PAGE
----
From here to infinity
Wily old Mother Nature always has a way of tripping us up. On Phuket, she stops me in my tracks.
What was a gentle dawn rising over the Andaman Sea seconds before is now a blazing pink ball, shining on a breezy walkway I was in such a hurry to cross. I am alive but unlike most sunrises, I am awake to witness the beauty. Stop. And breathe.
Perhaps the biggest shock is that the semi-spiritual moment with nature - there was a tear - is at a sleek place overlooking the limestone karsts of Phang Na Bay, where staff glide in cream Calvin Klein uniforms and the infinity pool stretches a whopping 100 metres.
But this is a Como, a luxury group with wellness leanings and in Bangkok, home to the David Thompson-led restaurant Nahm, just voted No. 13 in the latest World's 50 Best Restaurants and No. 1 in Asia.
This Como, at the tip of Point Yamu, a piece of land on the island's east, is a new and blinding elevated addition and a sharp departure for anyone hoping for a traditional Thai-style hotel.
Elevated? That's right, no beach. Instead, there's a private club on Rang Yai island with white sand and clear waters 20 minutes by the hotel's high-end long-tail boat.
Think of it as a change from the schlep up and down the sand from hotel to beach in dripping bathers.
Away from the crowds on Patong's west and at the tip of a boot mid can-can kick, modern style by Italian designer Paola Navone mixes with nature and indigenous heritage.
By day, corridors of a bamboo cross-hatch throw different shadows as the afternoon sun passes over; at night, giant shades, reimagined lobster traps, light the giant pixel wall of wooden blocks from Chiang Mai. Wooden pillars are swathed in the orange of monks' robes.
Places for lounging in public are vast, from the checkered banana loungers straight from the '60s (but far more comfortable) by that mega pool, to couches to sink into at the end of the Italian La Sirena restaurant. At Nahmyaa restaurant, the island's distinctive flavours are on the menu including blue crab with coconut curry with turmeric and ginger or hot and sour tiger prawn soup.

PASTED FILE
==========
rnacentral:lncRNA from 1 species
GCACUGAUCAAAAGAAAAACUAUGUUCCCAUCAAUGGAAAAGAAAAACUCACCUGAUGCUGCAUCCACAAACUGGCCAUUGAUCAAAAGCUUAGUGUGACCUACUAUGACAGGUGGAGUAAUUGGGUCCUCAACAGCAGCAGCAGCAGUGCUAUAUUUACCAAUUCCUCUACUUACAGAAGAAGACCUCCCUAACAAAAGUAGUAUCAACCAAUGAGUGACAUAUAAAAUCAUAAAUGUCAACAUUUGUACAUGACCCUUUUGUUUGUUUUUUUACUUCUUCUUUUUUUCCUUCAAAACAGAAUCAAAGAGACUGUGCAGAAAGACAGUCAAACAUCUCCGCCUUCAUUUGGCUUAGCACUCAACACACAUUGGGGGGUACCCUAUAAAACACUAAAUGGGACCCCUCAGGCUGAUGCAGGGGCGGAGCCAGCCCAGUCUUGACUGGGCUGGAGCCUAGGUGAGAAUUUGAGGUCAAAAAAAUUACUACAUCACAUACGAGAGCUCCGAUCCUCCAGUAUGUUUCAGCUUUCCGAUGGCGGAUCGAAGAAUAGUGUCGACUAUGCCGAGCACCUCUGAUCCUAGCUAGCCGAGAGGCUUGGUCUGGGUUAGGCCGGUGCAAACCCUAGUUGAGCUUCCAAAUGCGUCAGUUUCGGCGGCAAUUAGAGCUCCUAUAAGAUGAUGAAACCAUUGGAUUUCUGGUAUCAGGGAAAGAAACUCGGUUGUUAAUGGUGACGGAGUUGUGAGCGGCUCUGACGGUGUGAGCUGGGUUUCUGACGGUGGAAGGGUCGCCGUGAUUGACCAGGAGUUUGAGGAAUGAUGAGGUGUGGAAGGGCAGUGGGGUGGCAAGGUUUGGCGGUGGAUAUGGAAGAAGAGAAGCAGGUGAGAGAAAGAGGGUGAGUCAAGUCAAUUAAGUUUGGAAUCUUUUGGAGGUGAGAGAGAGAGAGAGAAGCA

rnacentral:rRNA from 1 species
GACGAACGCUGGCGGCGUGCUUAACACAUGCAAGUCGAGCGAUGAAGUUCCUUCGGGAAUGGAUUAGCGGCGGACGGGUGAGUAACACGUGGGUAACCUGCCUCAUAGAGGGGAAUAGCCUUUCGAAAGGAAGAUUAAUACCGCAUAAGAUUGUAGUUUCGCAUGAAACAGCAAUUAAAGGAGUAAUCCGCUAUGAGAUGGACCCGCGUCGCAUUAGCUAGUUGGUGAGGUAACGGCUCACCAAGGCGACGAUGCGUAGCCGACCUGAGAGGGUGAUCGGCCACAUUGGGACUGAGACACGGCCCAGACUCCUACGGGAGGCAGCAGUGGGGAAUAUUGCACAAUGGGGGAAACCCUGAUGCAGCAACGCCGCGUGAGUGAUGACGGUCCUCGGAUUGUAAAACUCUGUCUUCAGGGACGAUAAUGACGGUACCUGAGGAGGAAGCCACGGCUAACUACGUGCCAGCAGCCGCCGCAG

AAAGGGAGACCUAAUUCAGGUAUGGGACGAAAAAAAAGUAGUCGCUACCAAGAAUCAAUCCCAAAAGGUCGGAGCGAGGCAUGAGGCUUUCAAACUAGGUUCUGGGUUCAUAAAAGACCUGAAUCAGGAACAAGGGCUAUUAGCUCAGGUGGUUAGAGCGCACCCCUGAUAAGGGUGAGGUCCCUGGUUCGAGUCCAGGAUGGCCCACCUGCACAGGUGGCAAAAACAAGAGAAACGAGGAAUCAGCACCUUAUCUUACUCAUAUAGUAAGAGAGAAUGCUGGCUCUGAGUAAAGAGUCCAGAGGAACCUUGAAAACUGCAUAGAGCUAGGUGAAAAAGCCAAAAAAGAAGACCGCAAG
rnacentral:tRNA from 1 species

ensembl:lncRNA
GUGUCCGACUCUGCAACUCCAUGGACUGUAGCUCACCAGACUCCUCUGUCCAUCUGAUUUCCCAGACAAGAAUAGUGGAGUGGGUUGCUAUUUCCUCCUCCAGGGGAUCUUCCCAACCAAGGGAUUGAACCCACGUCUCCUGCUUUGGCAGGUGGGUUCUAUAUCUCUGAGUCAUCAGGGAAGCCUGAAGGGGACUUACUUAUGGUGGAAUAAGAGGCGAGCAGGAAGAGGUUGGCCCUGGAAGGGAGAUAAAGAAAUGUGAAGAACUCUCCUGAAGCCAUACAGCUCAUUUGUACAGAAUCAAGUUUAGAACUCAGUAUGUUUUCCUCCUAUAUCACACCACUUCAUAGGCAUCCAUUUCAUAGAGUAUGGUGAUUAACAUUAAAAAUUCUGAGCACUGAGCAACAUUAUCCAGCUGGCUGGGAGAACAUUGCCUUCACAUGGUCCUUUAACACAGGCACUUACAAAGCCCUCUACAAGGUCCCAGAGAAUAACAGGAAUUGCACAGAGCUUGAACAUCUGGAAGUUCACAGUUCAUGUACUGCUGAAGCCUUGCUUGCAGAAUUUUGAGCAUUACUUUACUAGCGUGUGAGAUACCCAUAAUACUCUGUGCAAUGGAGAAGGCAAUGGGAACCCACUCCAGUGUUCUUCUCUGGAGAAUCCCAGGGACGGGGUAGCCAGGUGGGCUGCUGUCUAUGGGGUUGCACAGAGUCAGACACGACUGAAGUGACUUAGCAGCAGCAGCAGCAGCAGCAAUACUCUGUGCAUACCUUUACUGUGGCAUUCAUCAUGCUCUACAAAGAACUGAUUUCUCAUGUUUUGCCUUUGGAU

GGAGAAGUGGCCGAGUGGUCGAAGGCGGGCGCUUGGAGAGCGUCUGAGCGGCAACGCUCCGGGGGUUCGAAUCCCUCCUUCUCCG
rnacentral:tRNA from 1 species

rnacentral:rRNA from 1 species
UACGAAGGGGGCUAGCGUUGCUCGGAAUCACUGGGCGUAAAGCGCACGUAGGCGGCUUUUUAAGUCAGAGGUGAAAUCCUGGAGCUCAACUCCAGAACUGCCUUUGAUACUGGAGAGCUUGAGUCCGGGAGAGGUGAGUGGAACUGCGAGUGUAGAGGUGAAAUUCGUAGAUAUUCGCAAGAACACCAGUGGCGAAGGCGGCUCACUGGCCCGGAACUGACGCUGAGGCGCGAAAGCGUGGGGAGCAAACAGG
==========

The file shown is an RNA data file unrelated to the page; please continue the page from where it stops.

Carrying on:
It's overseen by Australian-born chef Daniel Moran who has described one dish, Kaeng som, a sour fish curry, as a "culinary wake-up call - like a bowl of orange juice set on fire".
The ultimate hideaway, as if you weren't already there, can be found at the elevated Shambhala Retreat spa with a floor of river stone, each pebble individually laid, and a relaxation area with lap pool. It's all so easy on the eye.
Not so easy is the heavy door to my bay pool suite, but there's a Klein assistant for that. Inside it's a crisp and uplifting space of turquoise, blonde wood bed overlooking private pool then sea.
Floor tiles inspired by designs from old Phuket are recognisable when I later wander the town's streets.
Most charming though is what this hotel can be for the chameleon guest; one day a self-styled health retreat with wheat grass shots and egg white omelettes after morning yoga; the next a decadent day of margaritas at the open bar and pork belly with palm heart and wild basil. Or both.
Whatever your style of stay, pack your sunglasses and an ethereal dress. It needn't be a Calvin Klein.
The writer stayed as a guest of Point Yamu by Como resort. 225 Moo 7, Paklok sub-district, Talang District. A king bay room costs from $290 a night; bay pool suite $628 a night. See comohotels.com/pointyamu.
Sydney Morning Herald